6. (U) Police General Aram Zakarian, the chief of the special protection department of the National Police, was wounded after being attacked October 4 in his garage by an armed man.
FINANCE MINISTER UNSURE WHETHER HE WAS SHOT AT
– 7. According to the local press, Finance Minister Vardan Khachatrian reported to police that someone shot at him on October 2 while he YEREVAN 00001457 002 OF 002 sat in a cafe with friends. Police reportedly interrogated everyone who was at the caf while the minister was there, but nobody corroborated his report. Khachatrian then said he had been drunk while at the caf, and that there had not been a shooting. However, the following day, the minister said there had in fact been a shooting. The Prosecutor General’s office told us the shooting had taken place, but that it was not aimed at the minister, and that Khachatrian had fulfilled his “civic duty” by reporting the case to the police. (NOTE: This case is still a mystery; we saw one article on it October 5, and then it disappeared from the news. END NOTE.)
8. Though these incidents, together with the car-bomb death of a senior tax inspector (reftel), indicate a trend, there is no clear link between them. What is clear is that the perpetrators of these crimes are brazen and have committed several of them in broad daylight. Almost all of the victims and assailants in these incidents have reputations for criminal activity. It’s possible their undercover maneuverings have begun to morph into public clashes, in which case we may reasonable expect more to come as the parliamentary elections approach. GODFREY
Yerevan (AFP) – Armenia’s President Serzh Sarkisian has urged international powers to step up pressure on Azerbaijan to avoid all-out war over the disputed Nagorny Karabakh region, accusing his nation’s arch-foe of military “blackmail”.
“The danger of a new war is constant and will persist until Azerbaijan is persuaded that there is no military solution to the conflict,” Sarkisian told AFP in an interview ahead of a visit to France.
Fears that the decades-long Nagorny Karabakh dispute could escalate have risen since sporadic firing across the volatile frontline surged last April into the worst violence since a 1994 truce.
A ceasefire brokered by Moscow stilled several days of bloodshed but long-standing mediators from Russia, the United States, and France have since struggled to restart a stalled peace process.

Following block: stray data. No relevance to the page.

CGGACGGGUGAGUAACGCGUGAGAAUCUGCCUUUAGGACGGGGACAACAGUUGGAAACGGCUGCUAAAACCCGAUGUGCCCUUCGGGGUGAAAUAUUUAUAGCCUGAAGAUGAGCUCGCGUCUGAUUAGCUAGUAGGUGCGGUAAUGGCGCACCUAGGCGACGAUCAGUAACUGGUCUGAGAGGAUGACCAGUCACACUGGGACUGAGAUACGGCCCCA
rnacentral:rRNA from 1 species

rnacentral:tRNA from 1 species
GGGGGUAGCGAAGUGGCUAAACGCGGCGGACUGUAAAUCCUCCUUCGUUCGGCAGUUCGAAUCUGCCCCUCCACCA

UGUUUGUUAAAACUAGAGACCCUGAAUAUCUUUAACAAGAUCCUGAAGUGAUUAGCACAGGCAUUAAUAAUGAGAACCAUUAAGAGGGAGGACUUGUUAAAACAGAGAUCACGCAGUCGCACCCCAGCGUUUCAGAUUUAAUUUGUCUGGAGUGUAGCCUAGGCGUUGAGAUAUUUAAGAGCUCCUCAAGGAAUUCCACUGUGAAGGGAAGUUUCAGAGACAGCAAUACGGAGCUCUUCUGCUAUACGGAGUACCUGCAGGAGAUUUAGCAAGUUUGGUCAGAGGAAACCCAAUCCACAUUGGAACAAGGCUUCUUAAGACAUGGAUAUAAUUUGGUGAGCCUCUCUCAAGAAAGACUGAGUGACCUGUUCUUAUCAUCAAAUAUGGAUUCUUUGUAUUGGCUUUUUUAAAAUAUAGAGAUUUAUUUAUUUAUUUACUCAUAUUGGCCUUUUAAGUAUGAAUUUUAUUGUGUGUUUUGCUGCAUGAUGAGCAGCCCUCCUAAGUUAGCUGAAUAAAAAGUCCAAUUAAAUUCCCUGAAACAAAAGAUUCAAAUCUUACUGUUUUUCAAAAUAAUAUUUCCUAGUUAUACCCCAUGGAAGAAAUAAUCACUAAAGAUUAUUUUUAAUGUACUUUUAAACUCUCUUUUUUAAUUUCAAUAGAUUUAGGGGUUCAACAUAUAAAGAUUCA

Sarkisian — who will meet French President Francois Hollande in Paris on Wednesday — accused his Azerbaijani counterpart Ilham Aliyev of sabotaging any progress by threatening to start fighting unless he gets his way.
“He said Azerbaijan will not start a war if Armenia fulfills its demands. I said that this is blackmail, not a compromise,” the Armenian leader said.
Sarkisian urged Paris, Moscow, and Washington to “show what price one of the sides will pay if it initiates an attack.”
“That will have a sobering effect,” he said.
– ‘A matter of time’ –
Baku and Yerevan have feuded over the Nagorny Karabakh region since Armenian separatists seized the territory from Azerbaijan in a war that claimed some 30,000 lives in the early 1990s.
Energy-rich Azerbaijan, whose military spending exceeds Armenia’s entire state budget, has repeatedly threatened to take back the breakaway region by force but Moscow-allied Armenia has vowed to crush any military offensive.
The war ended in a fragile 1994 truce but the two sides never signed a firm peace deal and Sarkisian warned that fears of a new surge in fighting are growing.
“Public opinion in Armenia is that the resumption of hostilities is a matter of time — maybe weeks or months — and the commander-in-chief and defense minister must be prepared that a war could start tomorrow,” Sarkisian said.
“I don’t think a fresh war is an immediate threat, but nothing is ruled out when one deals with an unpredictable neighbor.”
– Regional titans –
Any new war in Karabakh could pitch regional titans Russia and Turkey against each other in the Caucasus region that has historically been an arena of their geopolitical rivalry.
Sarkisian also took aim at Armenia’s longstanding foe Turkey, blasting Ankara’s support for its traditional ally Baku over the Karabakh conflict.
There are no diplomatic ties between Yerevan and Ankara, which in 1993 sealed its border with Armenia out of support for Turkic-speaking Azerbaijan.
Turkey has also been angered by Yerevan’s campaign to have the World War I-era mass killings of Armenians in the Ottoman Empire recognized as genocide.
“At this point, the process of normalization (with Turkey) is at an impasse,” Sarkisian said. “They link normalization with the Karabakh issue.”